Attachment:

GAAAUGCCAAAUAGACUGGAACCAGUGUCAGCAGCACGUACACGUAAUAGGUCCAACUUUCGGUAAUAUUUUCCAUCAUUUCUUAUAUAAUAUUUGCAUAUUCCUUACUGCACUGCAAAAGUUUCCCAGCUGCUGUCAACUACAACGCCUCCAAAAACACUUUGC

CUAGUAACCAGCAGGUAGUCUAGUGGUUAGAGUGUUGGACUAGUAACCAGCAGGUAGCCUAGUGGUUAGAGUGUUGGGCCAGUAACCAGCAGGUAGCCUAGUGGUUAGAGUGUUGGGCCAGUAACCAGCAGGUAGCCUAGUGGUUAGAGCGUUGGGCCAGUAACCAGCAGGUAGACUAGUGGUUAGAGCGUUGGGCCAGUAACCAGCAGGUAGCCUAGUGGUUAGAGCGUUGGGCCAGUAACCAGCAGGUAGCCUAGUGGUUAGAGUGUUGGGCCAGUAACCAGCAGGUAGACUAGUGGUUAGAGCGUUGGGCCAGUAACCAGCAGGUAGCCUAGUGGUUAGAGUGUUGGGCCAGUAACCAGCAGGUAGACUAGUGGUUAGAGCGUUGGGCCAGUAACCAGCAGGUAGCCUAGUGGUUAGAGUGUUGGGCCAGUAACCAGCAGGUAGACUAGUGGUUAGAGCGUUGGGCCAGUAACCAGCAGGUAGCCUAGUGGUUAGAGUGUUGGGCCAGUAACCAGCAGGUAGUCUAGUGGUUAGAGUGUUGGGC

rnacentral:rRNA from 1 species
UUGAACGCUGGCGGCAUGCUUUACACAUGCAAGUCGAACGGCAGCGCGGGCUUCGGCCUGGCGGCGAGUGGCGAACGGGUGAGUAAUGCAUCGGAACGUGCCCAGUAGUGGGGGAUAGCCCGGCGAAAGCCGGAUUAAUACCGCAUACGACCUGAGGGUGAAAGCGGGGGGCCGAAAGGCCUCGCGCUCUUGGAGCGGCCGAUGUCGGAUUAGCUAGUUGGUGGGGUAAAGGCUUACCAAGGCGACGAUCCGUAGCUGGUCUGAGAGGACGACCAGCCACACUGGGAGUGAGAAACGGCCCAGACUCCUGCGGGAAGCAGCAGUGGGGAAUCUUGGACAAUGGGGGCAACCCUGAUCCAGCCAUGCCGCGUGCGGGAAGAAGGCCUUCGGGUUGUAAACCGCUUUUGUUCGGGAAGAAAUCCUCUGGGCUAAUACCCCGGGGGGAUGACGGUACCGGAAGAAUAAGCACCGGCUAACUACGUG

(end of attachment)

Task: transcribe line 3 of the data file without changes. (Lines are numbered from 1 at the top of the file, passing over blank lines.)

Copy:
rnacentral:rRNA from 1 species